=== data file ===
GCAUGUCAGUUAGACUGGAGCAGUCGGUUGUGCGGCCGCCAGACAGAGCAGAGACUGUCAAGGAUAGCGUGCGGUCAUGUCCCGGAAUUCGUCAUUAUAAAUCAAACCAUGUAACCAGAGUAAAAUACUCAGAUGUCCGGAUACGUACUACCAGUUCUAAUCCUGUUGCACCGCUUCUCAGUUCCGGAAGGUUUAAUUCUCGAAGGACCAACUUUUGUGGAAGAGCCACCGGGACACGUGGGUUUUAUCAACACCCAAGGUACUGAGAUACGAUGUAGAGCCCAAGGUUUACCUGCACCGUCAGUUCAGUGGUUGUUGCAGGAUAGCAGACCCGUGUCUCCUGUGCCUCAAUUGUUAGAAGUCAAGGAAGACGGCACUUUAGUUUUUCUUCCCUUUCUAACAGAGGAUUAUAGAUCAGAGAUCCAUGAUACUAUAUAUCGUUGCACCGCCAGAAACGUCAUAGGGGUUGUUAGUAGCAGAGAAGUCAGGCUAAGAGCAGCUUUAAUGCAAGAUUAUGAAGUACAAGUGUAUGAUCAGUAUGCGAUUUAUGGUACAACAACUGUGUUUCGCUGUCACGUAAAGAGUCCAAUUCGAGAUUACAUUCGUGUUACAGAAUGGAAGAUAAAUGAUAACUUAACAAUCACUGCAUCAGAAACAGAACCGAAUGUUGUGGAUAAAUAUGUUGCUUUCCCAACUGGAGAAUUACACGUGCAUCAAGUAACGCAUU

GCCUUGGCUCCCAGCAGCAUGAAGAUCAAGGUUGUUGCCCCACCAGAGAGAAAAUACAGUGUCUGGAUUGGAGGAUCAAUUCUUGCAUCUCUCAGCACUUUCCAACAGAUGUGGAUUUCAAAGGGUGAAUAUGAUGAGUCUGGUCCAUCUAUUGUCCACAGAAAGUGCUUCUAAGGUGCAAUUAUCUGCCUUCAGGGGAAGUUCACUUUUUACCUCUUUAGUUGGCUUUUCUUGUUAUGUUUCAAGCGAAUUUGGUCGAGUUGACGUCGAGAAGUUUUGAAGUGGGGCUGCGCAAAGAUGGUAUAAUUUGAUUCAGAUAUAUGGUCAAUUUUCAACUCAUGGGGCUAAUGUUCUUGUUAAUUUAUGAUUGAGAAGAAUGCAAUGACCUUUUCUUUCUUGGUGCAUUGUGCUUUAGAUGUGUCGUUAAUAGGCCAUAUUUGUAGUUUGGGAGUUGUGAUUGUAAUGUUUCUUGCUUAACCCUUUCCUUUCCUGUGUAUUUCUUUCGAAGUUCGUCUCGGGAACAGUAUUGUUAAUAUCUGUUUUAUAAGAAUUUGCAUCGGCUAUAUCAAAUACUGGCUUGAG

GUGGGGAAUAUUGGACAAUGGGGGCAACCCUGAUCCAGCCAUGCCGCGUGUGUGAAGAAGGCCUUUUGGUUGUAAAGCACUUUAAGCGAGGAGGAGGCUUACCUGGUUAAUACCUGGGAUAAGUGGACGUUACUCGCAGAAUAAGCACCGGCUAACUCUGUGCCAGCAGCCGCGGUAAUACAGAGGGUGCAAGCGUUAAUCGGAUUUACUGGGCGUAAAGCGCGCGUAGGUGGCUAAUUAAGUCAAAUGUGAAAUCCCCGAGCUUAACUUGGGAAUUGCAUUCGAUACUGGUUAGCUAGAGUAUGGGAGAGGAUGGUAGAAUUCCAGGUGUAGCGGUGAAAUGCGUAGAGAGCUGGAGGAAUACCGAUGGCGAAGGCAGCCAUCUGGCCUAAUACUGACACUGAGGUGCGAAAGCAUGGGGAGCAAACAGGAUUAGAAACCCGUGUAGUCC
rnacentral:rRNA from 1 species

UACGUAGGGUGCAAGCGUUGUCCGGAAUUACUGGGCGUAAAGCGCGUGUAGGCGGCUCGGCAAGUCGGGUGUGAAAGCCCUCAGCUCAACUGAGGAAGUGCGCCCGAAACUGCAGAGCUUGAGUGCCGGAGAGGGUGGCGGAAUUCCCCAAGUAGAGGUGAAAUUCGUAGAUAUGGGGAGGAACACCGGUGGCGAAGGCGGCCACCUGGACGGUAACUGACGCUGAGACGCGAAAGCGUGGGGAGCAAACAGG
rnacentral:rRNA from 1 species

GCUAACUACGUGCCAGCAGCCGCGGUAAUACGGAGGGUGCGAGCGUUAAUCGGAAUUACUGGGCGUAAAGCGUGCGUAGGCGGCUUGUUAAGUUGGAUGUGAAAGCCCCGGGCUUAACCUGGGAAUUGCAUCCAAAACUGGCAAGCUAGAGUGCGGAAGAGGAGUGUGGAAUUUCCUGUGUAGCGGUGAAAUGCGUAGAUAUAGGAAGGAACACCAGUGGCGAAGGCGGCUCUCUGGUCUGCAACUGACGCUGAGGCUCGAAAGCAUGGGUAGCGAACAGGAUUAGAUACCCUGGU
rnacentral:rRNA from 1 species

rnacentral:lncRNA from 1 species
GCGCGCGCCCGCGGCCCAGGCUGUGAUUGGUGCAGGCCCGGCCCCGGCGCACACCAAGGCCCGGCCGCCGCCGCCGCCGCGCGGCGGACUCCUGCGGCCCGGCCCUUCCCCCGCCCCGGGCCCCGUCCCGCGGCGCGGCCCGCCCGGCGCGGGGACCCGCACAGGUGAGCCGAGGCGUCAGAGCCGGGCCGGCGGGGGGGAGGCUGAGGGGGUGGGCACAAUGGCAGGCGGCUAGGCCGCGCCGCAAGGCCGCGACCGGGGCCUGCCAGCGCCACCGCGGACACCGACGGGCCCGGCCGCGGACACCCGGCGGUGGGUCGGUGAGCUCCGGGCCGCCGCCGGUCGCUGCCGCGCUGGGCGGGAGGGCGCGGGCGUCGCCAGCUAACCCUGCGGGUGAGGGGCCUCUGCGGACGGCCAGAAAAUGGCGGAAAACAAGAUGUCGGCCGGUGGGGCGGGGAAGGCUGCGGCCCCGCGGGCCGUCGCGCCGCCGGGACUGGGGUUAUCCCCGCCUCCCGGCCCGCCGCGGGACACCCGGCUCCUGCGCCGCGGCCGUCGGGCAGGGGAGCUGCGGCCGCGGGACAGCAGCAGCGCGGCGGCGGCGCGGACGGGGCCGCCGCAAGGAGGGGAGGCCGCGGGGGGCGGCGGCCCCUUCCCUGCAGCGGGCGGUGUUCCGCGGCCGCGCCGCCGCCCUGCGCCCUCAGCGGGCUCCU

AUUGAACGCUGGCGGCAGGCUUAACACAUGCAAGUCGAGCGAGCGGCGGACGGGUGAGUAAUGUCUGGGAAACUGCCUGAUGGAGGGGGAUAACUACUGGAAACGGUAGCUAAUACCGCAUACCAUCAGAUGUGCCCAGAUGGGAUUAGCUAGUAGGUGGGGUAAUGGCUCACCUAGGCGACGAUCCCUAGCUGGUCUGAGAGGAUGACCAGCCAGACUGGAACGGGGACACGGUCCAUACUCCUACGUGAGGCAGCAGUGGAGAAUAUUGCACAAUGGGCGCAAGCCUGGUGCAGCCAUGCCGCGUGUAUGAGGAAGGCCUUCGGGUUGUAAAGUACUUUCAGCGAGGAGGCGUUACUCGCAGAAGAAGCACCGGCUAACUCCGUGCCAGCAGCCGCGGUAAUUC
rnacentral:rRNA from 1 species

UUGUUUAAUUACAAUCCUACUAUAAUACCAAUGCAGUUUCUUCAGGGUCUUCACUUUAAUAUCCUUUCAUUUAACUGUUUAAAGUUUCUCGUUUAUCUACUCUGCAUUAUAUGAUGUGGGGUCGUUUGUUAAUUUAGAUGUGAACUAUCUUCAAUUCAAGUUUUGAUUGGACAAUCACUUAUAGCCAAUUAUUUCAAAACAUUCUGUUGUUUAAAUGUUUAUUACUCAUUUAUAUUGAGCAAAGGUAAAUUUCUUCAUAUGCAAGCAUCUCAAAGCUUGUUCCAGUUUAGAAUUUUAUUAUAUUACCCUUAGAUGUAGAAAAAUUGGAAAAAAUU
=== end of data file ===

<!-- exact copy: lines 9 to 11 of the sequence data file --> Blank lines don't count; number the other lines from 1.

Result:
rnacentral:lncRNA from 1 species
GCGCGCGCCCGCGGCCCAGGCUGUGAUUGGUGCAGGCCCGGCCCCGGCGCACACCAAGGCCCGGCCGCCGCCGCCGCCGCGCGGCGGACUCCUGCGGCCCGGCCCUUCCCCCGCCCCGGGCCCCGUCCCGCGGCGCGGCCCGCCCGGCGCGGGGACCCGCACAGGUGAGCCGAGGCGUCAGAGCCGGGCCGGCGGGGGGGAGGCUGAGGGGGUGGGCACAAUGGCAGGCGGCUAGGCCGCGCCGCAAGGCCGCGACCGGGGCCUGCCAGCGCCACCGCGGACACCGACGGGCCCGGCCGCGGACACCCGGCGGUGGGUCGGUGAGCUCCGGGCCGCCGCCGGUCGCUGCCGCGCUGGGCGGGAGGGCGCGGGCGUCGCCAGCUAACCCUGCGGGUGAGGGGCCUCUGCGGACGGCCAGAAAAUGGCGGAAAACAAGAUGUCGGCCGGUGGGGCGGGGAAGGCUGCGGCCCCGCGGGCCGUCGCGCCGCCGGGACUGGGGUUAUCCCCGCCUCCCGGCCCGCCGCGGGACACCCGGCUCCUGCGCCGCGGCCGUCGGGCAGGGGAGCUGCGGCCGCGGGACAGCAGCAGCGCGGCGGCGGCGCGGACGGGGCCGCCGCAAGGAGGGGAGGCCGCGGGGGGCGGCGGCCCCUUCCCUGCAGCGGGCGGUGUUCCGCGGCCGCGCCGCCGCCCUGCGCCCUCAGCGGGCUCCU

AUUGAACGCUGGCGGCAGGCUUAACACAUGCAAGUCGAGCGAGCGGCGGACGGGUGAGUAAUGUCUGGGAAACUGCCUGAUGGAGGGGGAUAACUACUGGAAACGGUAGCUAAUACCGCAUACCAUCAGAUGUGCCCAGAUGGGAUUAGCUAGUAGGUGGGGUAAUGGCUCACCUAGGCGACGAUCCCUAGCUGGUCUGAGAGGAUGACCAGCCAGACUGGAACGGGGACACGGUCCAUACUCCUACGUGAGGCAGCAGUGGAGAAUAUUGCACAAUGGGCGCAAGCCUGGUGCAGCCAUGCCGCGUGUAUGAGGAAGGCCUUCGGGUUGUAAAGUACUUUCAGCGAGGAGGCGUUACUCGCAGAAGAAGCACCGGCUAACUCCGUGCCAGCAGCCGCGGUAAUUC